Montana’s population is aging, and so are Montana’s nurses.
To help confront Montana’s nursing shortage before it can get much worse, the state has received some help — a two-year, $300,000 grant from the Robert Wood Johnson Foundation’s Academic Progression in Nursing program to help academic institutions and employers help more nurses gain more advanced degrees.
“I think we were chosen because we are state that is known that we can work together,” said Cynthia Gustafson, executive director of the Montana Board of Nursing.
The grant, given to just nine states nationwide, will help the Montana Area Health Education Center in the MSU College of Nursing help students earn degrees such as the BSN, or Bachelor of Science in Nursing.
It’s a confusing process for many potential nurses, with several levels of nursing certification and different ways to get there.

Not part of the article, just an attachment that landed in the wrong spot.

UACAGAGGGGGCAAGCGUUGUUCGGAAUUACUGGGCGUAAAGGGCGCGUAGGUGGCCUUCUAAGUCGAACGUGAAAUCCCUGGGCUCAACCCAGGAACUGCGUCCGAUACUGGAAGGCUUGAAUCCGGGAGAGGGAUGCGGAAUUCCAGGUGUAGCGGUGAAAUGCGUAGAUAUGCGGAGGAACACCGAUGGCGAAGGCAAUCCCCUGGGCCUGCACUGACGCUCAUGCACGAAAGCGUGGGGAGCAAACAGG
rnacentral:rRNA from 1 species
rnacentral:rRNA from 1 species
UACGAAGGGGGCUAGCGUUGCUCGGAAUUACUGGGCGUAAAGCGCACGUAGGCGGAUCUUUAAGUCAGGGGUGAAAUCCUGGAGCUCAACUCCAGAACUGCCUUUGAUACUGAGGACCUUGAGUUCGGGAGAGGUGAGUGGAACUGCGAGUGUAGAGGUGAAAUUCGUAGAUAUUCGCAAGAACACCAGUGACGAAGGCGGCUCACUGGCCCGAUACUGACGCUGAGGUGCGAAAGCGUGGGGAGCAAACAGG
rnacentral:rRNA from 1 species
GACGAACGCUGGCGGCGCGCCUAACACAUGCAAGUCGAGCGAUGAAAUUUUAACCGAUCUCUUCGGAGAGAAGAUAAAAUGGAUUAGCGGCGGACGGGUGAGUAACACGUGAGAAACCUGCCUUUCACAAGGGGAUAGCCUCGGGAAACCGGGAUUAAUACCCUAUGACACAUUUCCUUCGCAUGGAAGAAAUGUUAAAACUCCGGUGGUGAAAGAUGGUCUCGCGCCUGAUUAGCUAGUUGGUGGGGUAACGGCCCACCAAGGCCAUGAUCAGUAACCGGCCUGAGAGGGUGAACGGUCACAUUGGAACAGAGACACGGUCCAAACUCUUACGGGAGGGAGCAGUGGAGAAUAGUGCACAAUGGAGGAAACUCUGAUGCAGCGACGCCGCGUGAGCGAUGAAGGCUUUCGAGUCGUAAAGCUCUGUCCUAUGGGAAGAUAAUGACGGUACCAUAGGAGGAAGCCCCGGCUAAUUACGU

The grant’s goals include increasing the number of hospitals that provide incentives for nurses seeking higher degrees; establishing common admission standards at all two-year nursing programs; establishing a mentor program; and adopting the BSN curricula now in place at Montana Tech and MSU Northern to provide a seamless transition from associate’s degree programs into the BSN programs.
The grant also will pay for a part-time position to create a website, organize meetings around the state and conduct research needed by the nursing faculty leading the project.
The Robert Wood Johnson Foundation would like to see 80 percent of nurses hold BSNs by 2020. Now, the rate is about 50 percent.
“Nurses are the largest segment of health care providers,” said Gustafson. “They are the people that surround you 24-7 and I think a very important part of how we can advance health.”